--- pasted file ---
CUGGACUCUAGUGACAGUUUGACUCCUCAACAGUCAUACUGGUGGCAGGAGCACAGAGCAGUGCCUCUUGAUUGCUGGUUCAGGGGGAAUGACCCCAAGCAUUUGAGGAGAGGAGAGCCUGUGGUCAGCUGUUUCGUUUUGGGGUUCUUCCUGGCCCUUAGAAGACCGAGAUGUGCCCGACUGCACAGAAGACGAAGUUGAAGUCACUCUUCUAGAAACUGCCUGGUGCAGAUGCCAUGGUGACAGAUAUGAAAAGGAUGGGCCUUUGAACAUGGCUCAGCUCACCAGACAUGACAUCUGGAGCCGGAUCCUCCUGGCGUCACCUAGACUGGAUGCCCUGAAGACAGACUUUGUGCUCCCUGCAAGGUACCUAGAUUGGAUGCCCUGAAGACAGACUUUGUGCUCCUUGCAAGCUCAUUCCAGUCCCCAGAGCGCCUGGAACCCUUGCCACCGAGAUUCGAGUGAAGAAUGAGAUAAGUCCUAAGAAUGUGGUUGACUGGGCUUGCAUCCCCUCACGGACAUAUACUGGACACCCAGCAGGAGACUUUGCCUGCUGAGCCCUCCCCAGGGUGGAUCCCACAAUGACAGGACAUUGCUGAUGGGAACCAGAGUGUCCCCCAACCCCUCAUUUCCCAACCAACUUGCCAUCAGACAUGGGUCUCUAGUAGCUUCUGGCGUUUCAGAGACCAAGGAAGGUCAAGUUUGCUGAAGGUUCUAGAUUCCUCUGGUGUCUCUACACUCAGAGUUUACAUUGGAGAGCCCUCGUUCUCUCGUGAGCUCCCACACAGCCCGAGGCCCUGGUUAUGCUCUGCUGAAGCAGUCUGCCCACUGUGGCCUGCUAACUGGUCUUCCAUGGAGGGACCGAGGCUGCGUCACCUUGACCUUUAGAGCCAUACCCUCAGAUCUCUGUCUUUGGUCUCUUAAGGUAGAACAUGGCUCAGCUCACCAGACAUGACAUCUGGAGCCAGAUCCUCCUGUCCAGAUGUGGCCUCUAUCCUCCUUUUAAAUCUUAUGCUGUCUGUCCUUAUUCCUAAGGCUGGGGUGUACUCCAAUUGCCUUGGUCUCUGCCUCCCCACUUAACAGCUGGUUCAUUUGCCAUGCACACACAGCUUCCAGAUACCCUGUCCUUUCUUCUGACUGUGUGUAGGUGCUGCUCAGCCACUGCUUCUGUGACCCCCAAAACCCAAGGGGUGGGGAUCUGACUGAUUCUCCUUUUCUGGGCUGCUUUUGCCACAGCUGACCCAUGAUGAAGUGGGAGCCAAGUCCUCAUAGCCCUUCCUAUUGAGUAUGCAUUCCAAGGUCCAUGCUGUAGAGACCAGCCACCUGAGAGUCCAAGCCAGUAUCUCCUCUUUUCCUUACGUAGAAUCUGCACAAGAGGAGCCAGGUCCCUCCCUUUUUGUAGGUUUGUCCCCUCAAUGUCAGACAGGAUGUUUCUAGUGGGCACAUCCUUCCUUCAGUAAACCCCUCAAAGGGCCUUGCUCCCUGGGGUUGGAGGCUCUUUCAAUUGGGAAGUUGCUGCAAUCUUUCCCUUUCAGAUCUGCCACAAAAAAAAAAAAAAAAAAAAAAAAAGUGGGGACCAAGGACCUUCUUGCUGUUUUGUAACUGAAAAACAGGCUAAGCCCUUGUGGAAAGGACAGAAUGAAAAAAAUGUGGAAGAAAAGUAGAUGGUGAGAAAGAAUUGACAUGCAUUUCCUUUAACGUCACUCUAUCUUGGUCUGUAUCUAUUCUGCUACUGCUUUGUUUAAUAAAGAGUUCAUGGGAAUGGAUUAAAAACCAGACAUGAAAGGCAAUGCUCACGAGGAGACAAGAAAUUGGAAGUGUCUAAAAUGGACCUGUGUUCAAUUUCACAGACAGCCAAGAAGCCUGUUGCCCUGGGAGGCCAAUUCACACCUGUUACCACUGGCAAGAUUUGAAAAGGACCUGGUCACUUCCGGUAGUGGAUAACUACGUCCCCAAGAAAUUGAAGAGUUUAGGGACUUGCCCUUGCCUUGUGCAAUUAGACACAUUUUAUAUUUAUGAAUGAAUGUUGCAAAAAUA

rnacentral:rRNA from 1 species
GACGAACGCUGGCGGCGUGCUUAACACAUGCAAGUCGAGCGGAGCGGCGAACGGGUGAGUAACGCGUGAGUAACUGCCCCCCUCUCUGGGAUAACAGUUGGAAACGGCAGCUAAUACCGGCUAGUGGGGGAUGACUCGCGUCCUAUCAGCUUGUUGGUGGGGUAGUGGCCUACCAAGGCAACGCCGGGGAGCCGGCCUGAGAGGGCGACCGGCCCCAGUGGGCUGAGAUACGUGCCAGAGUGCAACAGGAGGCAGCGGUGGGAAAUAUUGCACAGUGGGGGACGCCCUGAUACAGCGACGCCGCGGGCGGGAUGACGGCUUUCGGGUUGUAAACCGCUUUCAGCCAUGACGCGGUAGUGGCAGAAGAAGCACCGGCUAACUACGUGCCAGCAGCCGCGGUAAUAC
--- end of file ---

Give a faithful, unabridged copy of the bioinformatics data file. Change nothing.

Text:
CUGGACUCUAGUGACAGUUUGACUCCUCAACAGUCAUACUGGUGGCAGGAGCACAGAGCAGUGCCUCUUGAUUGCUGGUUCAGGGGGAAUGACCCCAAGCAUUUGAGGAGAGGAGAGCCUGUGGUCAGCUGUUUCGUUUUGGGGUUCUUCCUGGCCCUUAGAAGACCGAGAUGUGCCCGACUGCACAGAAGACGAAGUUGAAGUCACUCUUCUAGAAACUGCCUGGUGCAGAUGCCAUGGUGACAGAUAUGAAAAGGAUGGGCCUUUGAACAUGGCUCAGCUCACCAGACAUGACAUCUGGAGCCGGAUCCUCCUGGCGUCACCUAGACUGGAUGCCCUGAAGACAGACUUUGUGCUCCCUGCAAGGUACCUAGAUUGGAUGCCCUGAAGACAGACUUUGUGCUCCUUGCAAGCUCAUUCCAGUCCCCAGAGCGCCUGGAACCCUUGCCACCGAGAUUCGAGUGAAGAAUGAGAUAAGUCCUAAGAAUGUGGUUGACUGGGCUUGCAUCCCCUCACGGACAUAUACUGGACACCCAGCAGGAGACUUUGCCUGCUGAGCCCUCCCCAGGGUGGAUCCCACAAUGACAGGACAUUGCUGAUGGGAACCAGAGUGUCCCCCAACCCCUCAUUUCCCAACCAACUUGCCAUCAGACAUGGGUCUCUAGUAGCUUCUGGCGUUUCAGAGACCAAGGAAGGUCAAGUUUGCUGAAGGUUCUAGAUUCCUCUGGUGUCUCUACACUCAGAGUUUACAUUGGAGAGCCCUCGUUCUCUCGUGAGCUCCCACACAGCCCGAGGCCCUGGUUAUGCUCUGCUGAAGCAGUCUGCCCACUGUGGCCUGCUAACUGGUCUUCCAUGGAGGGACCGAGGCUGCGUCACCUUGACCUUUAGAGCCAUACCCUCAGAUCUCUGUCUUUGGUCUCUUAAGGUAGAACAUGGCUCAGCUCACCAGACAUGACAUCUGGAGCCAGAUCCUCCUGUCCAGAUGUGGCCUCUAUCCUCCUUUUAAAUCUUAUGCUGUCUGUCCUUAUUCCUAAGGCUGGGGUGUACUCCAAUUGCCUUGGUCUCUGCCUCCCCACUUAACAGCUGGUUCAUUUGCCAUGCACACACAGCUUCCAGAUACCCUGUCCUUUCUUCUGACUGUGUGUAGGUGCUGCUCAGCCACUGCUUCUGUGACCCCCAAAACCCAAGGGGUGGGGAUCUGACUGAUUCUCCUUUUCUGGGCUGCUUUUGCCACAGCUGACCCAUGAUGAAGUGGGAGCCAAGUCCUCAUAGCCCUUCCUAUUGAGUAUGCAUUCCAAGGUCCAUGCUGUAGAGACCAGCCACCUGAGAGUCCAAGCCAGUAUCUCCUCUUUUCCUUACGUAGAAUCUGCACAAGAGGAGCCAGGUCCCUCCCUUUUUGUAGGUUUGUCCCCUCAAUGUCAGACAGGAUGUUUCUAGUGGGCACAUCCUUCCUUCAGUAAACCCCUCAAAGGGCCUUGCUCCCUGGGGUUGGAGGCUCUUUCAAUUGGGAAGUUGCUGCAAUCUUUCCCUUUCAGAUCUGCCACAAAAAAAAAAAAAAAAAAAAAAAAAGUGGGGACCAAGGACCUUCUUGCUGUUUUGUAACUGAAAAACAGGCUAAGCCCUUGUGGAAAGGACAGAAUGAAAAAAAUGUGGAAGAAAAGUAGAUGGUGAGAAAGAAUUGACAUGCAUUUCCUUUAACGUCACUCUAUCUUGGUCUGUAUCUAUUCUGCUACUGCUUUGUUUAAUAAAGAGUUCAUGGGAAUGGAUUAAAAACCAGACAUGAAAGGCAAUGCUCACGAGGAGACAAGAAAUUGGAAGUGUCUAAAAUGGACCUGUGUUCAAUUUCACAGACAGCCAAGAAGCCUGUUGCCCUGGGAGGCCAAUUCACACCUGUUACCACUGGCAAGAUUUGAAAAGGACCUGGUCACUUCCGGUAGUGGAUAACUACGUCCCCAAGAAAUUGAAGAGUUUAGGGACUUGCCCUUGCCUUGUGCAAUUAGACACAUUUUAUAUUUAUGAAUGAAUGUUGCAAAAAUA

rnacentral:rRNA from 1 species
GACGAACGCUGGCGGCGUGCUUAACACAUGCAAGUCGAGCGGAGCGGCGAACGGGUGAGUAACGCGUGAGUAACUGCCCCCCUCUCUGGGAUAACAGUUGGAAACGGCAGCUAAUACCGGCUAGUGGGGGAUGACUCGCGUCCUAUCAGCUUGUUGGUGGGGUAGUGGCCUACCAAGGCAACGCCGGGGAGCCGGCCUGAGAGGGCGACCGGCCCCAGUGGGCUGAGAUACGUGCCAGAGUGCAACAGGAGGCAGCGGUGGGAAAUAUUGCACAGUGGGGGACGCCCUGAUACAGCGACGCCGCGGGCGGGAUGACGGCUUUCGGGUUGUAAACCGCUUUCAGCCAUGACGCGGUAGUGGCAGAAGAAGCACCGGCUAACUACGUGCCAGCAGCCGCGGUAAUAC